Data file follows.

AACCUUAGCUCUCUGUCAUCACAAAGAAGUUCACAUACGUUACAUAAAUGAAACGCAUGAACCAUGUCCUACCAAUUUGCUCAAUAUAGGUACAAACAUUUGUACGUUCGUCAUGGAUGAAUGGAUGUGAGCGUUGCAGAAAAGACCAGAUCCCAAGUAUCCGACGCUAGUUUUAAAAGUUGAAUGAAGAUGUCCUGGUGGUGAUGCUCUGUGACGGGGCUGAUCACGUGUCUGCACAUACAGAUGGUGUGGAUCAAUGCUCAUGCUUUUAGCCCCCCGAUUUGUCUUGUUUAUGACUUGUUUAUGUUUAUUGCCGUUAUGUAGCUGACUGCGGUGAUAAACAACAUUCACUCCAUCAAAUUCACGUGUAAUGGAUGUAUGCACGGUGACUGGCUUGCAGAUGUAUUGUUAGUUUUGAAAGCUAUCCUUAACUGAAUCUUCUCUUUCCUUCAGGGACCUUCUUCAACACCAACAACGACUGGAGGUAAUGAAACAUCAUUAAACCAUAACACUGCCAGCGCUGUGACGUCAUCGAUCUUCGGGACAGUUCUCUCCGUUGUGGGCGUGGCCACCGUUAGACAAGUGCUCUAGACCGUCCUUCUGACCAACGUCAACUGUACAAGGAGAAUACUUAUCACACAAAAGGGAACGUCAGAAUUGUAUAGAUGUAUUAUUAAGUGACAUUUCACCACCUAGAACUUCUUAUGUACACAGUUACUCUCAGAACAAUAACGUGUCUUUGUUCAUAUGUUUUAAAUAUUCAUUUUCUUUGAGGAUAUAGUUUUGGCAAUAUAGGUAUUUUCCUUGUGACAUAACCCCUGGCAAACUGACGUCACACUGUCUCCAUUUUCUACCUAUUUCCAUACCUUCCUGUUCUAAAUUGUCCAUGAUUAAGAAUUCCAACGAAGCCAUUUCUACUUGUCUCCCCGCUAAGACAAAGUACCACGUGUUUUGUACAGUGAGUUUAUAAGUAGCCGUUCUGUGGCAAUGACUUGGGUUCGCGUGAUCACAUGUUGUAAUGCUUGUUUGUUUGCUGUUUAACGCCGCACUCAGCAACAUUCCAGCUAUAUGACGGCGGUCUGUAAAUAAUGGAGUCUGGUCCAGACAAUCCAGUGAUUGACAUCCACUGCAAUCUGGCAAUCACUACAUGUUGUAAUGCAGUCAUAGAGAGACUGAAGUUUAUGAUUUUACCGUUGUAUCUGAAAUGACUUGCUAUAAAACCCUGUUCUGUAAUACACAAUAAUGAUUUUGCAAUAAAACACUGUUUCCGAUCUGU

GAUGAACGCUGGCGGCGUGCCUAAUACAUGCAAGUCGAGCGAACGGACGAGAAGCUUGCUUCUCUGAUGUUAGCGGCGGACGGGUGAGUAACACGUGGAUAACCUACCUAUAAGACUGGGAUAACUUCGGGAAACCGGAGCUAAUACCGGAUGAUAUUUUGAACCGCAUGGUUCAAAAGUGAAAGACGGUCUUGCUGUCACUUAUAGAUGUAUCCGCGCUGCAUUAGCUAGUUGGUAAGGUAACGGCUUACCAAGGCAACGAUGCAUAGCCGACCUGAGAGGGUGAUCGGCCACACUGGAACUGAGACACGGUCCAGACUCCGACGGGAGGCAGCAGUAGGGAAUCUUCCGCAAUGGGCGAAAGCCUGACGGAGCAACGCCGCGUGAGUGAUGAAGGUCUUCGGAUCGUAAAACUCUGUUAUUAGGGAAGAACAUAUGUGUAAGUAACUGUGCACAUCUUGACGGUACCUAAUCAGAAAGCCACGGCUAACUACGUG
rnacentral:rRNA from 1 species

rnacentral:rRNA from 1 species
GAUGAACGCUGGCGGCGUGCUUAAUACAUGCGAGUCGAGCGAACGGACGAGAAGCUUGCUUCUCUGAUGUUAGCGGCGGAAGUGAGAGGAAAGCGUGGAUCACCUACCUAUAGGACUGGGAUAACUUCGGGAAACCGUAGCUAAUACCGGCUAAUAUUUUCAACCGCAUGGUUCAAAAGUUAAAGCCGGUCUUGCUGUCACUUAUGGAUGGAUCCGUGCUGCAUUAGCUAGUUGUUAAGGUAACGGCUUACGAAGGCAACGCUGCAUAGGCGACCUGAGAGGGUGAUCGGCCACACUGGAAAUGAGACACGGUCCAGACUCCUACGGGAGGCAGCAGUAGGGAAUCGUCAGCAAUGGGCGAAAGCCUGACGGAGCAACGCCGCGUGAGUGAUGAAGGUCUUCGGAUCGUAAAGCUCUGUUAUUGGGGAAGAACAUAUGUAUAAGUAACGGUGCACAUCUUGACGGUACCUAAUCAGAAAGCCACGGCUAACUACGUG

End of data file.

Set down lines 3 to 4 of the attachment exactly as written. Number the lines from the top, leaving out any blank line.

rnacentral:rRNA from 1 species

rnacentral:rRNA from 1 species